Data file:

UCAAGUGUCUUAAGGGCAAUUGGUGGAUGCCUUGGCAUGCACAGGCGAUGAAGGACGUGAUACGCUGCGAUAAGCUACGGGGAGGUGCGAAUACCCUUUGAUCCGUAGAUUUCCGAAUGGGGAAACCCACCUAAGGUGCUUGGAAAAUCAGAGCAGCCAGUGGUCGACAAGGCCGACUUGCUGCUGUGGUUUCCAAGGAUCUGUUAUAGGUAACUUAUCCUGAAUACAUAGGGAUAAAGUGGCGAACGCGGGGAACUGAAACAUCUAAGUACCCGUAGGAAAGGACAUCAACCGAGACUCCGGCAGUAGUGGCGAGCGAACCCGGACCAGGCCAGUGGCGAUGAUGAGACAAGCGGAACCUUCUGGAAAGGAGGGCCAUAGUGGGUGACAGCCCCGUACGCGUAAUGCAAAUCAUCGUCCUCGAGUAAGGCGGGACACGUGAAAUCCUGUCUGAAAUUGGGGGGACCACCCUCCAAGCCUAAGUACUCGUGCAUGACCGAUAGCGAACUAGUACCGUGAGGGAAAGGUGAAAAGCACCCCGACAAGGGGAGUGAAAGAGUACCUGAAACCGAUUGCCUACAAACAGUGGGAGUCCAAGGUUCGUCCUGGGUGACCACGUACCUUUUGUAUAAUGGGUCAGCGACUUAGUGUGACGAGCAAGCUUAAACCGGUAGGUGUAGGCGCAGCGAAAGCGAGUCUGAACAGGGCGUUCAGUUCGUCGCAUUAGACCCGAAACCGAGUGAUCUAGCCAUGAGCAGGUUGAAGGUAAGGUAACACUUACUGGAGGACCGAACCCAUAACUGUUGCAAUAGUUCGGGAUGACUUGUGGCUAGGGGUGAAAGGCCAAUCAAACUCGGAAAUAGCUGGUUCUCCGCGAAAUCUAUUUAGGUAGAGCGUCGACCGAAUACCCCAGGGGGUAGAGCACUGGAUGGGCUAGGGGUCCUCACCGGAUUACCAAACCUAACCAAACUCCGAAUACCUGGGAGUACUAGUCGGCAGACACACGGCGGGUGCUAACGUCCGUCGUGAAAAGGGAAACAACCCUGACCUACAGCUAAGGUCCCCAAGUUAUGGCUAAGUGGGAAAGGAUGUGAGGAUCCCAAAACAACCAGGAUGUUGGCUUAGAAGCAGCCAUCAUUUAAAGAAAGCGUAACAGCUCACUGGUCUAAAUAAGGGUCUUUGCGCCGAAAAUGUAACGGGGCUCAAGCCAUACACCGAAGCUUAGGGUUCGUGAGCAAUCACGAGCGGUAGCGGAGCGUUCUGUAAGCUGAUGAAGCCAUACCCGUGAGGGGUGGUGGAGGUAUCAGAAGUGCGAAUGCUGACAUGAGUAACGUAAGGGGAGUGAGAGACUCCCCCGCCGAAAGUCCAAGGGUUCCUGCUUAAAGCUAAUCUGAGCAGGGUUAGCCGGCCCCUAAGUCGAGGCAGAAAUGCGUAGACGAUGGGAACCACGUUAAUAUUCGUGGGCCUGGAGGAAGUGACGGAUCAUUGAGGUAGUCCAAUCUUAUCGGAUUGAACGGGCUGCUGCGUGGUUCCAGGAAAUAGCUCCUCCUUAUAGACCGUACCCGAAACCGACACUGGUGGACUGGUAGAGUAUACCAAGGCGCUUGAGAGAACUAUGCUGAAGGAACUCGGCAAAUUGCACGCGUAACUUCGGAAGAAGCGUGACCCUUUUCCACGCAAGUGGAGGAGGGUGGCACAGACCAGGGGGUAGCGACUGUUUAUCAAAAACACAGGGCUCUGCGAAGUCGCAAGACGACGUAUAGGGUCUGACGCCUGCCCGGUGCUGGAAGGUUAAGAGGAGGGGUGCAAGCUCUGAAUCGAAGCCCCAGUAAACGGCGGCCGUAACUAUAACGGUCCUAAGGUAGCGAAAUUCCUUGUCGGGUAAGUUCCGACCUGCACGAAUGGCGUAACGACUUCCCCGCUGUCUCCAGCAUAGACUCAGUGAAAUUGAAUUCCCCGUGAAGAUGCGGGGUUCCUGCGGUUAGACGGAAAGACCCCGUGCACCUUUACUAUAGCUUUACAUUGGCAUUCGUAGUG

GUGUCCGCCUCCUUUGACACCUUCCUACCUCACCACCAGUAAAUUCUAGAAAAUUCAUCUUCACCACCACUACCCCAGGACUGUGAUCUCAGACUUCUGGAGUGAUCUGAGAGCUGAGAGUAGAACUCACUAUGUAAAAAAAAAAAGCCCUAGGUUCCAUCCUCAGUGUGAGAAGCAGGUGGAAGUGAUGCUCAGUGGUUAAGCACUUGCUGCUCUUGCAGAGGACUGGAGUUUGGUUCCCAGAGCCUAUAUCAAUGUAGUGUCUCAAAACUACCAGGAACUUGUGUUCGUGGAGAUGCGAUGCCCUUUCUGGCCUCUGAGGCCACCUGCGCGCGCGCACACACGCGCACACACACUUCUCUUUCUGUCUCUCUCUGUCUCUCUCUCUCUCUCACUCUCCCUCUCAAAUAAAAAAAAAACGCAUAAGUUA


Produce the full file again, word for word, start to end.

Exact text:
UCAAGUGUCUUAAGGGCAAUUGGUGGAUGCCUUGGCAUGCACAGGCGAUGAAGGACGUGAUACGCUGCGAUAAGCUACGGGGAGGUGCGAAUACCCUUUGAUCCGUAGAUUUCCGAAUGGGGAAACCCACCUAAGGUGCUUGGAAAAUCAGAGCAGCCAGUGGUCGACAAGGCCGACUUGCUGCUGUGGUUUCCAAGGAUCUGUUAUAGGUAACUUAUCCUGAAUACAUAGGGAUAAAGUGGCGAACGCGGGGAACUGAAACAUCUAAGUACCCGUAGGAAAGGACAUCAACCGAGACUCCGGCAGUAGUGGCGAGCGAACCCGGACCAGGCCAGUGGCGAUGAUGAGACAAGCGGAACCUUCUGGAAAGGAGGGCCAUAGUGGGUGACAGCCCCGUACGCGUAAUGCAAAUCAUCGUCCUCGAGUAAGGCGGGACACGUGAAAUCCUGUCUGAAAUUGGGGGGACCACCCUCCAAGCCUAAGUACUCGUGCAUGACCGAUAGCGAACUAGUACCGUGAGGGAAAGGUGAAAAGCACCCCGACAAGGGGAGUGAAAGAGUACCUGAAACCGAUUGCCUACAAACAGUGGGAGUCCAAGGUUCGUCCUGGGUGACCACGUACCUUUUGUAUAAUGGGUCAGCGACUUAGUGUGACGAGCAAGCUUAAACCGGUAGGUGUAGGCGCAGCGAAAGCGAGUCUGAACAGGGCGUUCAGUUCGUCGCAUUAGACCCGAAACCGAGUGAUCUAGCCAUGAGCAGGUUGAAGGUAAGGUAACACUUACUGGAGGACCGAACCCAUAACUGUUGCAAUAGUUCGGGAUGACUUGUGGCUAGGGGUGAAAGGCCAAUCAAACUCGGAAAUAGCUGGUUCUCCGCGAAAUCUAUUUAGGUAGAGCGUCGACCGAAUACCCCAGGGGGUAGAGCACUGGAUGGGCUAGGGGUCCUCACCGGAUUACCAAACCUAACCAAACUCCGAAUACCUGGGAGUACUAGUCGGCAGACACACGGCGGGUGCUAACGUCCGUCGUGAAAAGGGAAACAACCCUGACCUACAGCUAAGGUCCCCAAGUUAUGGCUAAGUGGGAAAGGAUGUGAGGAUCCCAAAACAACCAGGAUGUUGGCUUAGAAGCAGCCAUCAUUUAAAGAAAGCGUAACAGCUCACUGGUCUAAAUAAGGGUCUUUGCGCCGAAAAUGUAACGGGGCUCAAGCCAUACACCGAAGCUUAGGGUUCGUGAGCAAUCACGAGCGGUAGCGGAGCGUUCUGUAAGCUGAUGAAGCCAUACCCGUGAGGGGUGGUGGAGGUAUCAGAAGUGCGAAUGCUGACAUGAGUAACGUAAGGGGAGUGAGAGACUCCCCCGCCGAAAGUCCAAGGGUUCCUGCUUAAAGCUAAUCUGAGCAGGGUUAGCCGGCCCCUAAGUCGAGGCAGAAAUGCGUAGACGAUGGGAACCACGUUAAUAUUCGUGGGCCUGGAGGAAGUGACGGAUCAUUGAGGUAGUCCAAUCUUAUCGGAUUGAACGGGCUGCUGCGUGGUUCCAGGAAAUAGCUCCUCCUUAUAGACCGUACCCGAAACCGACACUGGUGGACUGGUAGAGUAUACCAAGGCGCUUGAGAGAACUAUGCUGAAGGAACUCGGCAAAUUGCACGCGUAACUUCGGAAGAAGCGUGACCCUUUUCCACGCAAGUGGAGGAGGGUGGCACAGACCAGGGGGUAGCGACUGUUUAUCAAAAACACAGGGCUCUGCGAAGUCGCAAGACGACGUAUAGGGUCUGACGCCUGCCCGGUGCUGGAAGGUUAAGAGGAGGGGUGCAAGCUCUGAAUCGAAGCCCCAGUAAACGGCGGCCGUAACUAUAACGGUCCUAAGGUAGCGAAAUUCCUUGUCGGGUAAGUUCCGACCUGCACGAAUGGCGUAACGACUUCCCCGCUGUCUCCAGCAUAGACUCAGUGAAAUUGAAUUCCCCGUGAAGAUGCGGGGUUCCUGCGGUUAGACGGAAAGACCCCGUGCACCUUUACUAUAGCUUUACAUUGGCAUUCGUAGUG

GUGUCCGCCUCCUUUGACACCUUCCUACCUCACCACCAGUAAAUUCUAGAAAAUUCAUCUUCACCACCACUACCCCAGGACUGUGAUCUCAGACUUCUGGAGUGAUCUGAGAGCUGAGAGUAGAACUCACUAUGUAAAAAAAAAAAGCCCUAGGUUCCAUCCUCAGUGUGAGAAGCAGGUGGAAGUGAUGCUCAGUGGUUAAGCACUUGCUGCUCUUGCAGAGGACUGGAGUUUGGUUCCCAGAGCCUAUAUCAAUGUAGUGUCUCAAAACUACCAGGAACUUGUGUUCGUGGAGAUGCGAUGCCCUUUCUGGCCUCUGAGGCCACCUGCGCGCGCGCACACACGCGCACACACACUUCUCUUUCUGUCUCUCUCUGUCUCUCUCUCUCUCUCACUCUCCCUCUCAAAUAAAAAAAAAACGCAUAAGUUA